We all know how public school developed in the US when the government decided that child labor was unlawful, yet adults worked full-time, and so what to do with the kids? We also all know how quickly education became standardized as the schools grew in size and needed efficient ways to keep records. The goal of public school was to keep kids safe and accounted for (while parents worked) and to train kids for factory work. 

In our current day and age, more and more jobs have become automated, and our schools are preparing students for jobs that don’t exist; the mundane, follow-the-rules cookie cutter jobs are a thing of the past. Now we need citizens who think critically and creatively and want to solve problems that benefit society. That is not a realistic outcome if we force children for 13 years (from ages 5-18) to sit and follow directions all day.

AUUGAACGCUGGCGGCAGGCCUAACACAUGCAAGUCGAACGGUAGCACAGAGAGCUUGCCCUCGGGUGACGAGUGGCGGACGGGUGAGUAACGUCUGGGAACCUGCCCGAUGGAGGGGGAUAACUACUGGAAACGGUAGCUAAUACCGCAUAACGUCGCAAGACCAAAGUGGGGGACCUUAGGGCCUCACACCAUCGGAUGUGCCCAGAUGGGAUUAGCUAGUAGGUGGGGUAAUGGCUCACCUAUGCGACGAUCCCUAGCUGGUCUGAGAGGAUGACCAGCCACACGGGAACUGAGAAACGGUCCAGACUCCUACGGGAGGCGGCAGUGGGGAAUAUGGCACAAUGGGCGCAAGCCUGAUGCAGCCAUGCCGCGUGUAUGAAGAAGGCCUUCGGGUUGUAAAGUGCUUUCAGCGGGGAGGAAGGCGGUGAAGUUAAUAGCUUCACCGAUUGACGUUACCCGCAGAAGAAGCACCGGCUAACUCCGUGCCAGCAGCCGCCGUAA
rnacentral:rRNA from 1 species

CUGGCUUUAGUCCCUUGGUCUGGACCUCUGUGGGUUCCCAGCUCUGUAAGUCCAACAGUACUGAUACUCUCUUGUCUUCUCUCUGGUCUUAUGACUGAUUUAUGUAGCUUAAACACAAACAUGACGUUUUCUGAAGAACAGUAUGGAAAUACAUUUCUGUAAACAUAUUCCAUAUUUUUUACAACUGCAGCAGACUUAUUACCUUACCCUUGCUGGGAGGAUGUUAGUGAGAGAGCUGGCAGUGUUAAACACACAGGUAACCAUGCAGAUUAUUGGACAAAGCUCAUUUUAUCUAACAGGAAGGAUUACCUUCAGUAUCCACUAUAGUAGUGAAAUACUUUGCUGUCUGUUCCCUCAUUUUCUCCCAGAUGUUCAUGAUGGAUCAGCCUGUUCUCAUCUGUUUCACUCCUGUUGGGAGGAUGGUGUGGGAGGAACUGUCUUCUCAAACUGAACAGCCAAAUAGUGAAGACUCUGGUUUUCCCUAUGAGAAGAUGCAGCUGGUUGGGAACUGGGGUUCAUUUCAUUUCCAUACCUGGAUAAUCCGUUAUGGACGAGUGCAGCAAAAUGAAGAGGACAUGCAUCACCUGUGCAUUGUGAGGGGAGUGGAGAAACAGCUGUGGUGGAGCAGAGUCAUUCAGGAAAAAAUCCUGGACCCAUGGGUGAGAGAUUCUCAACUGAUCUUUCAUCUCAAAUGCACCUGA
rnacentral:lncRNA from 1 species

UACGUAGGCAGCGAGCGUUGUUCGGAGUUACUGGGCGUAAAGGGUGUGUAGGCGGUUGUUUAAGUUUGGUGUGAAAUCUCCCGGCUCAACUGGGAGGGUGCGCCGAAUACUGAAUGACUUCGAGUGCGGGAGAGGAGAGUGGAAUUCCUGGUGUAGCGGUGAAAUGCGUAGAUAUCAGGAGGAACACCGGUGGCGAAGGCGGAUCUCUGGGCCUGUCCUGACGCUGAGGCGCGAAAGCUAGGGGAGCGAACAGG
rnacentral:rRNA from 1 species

What if teens had more options? What if you could do the typical, proscribed course schedule and graduate with a high school diploma, OR you could take whatever courses you wanted and take the GED in place of the diploma? And what if there were more non-high-school alternatives, like North Star, for teens who learn differently? 

 

A New Kind of Public School

After reading countless articles, studies, and whitepapers on why homework is counterproductive, creativity is being squashed by the soldier-like regimen of public school, and why people forget more than half of what they learned in school, I’m prepared to offer a new kind of public school. 

I recently attended the Brooklyn School Alternatives Conference and heard from a panel of micro-school directors about what learning is like in their (private) schools. Here is what some of them had to say: 

“Experience ourselves as capable of changing culture” – Tomis Parker, Agile Learning Center

“Structure with flexibility” – Noleca Radway, Brooklyn Free School

“City as classroom” – Noah Mayers, Brooklyn Apple Academy

"Student-led open school and opt-in adult-led classes" - Monique Scott, Freebrook Academy

“Our curriculum is to everyday challenge the insular nature of the classroom” – Sara Casey Taleff, ALC Cottonwood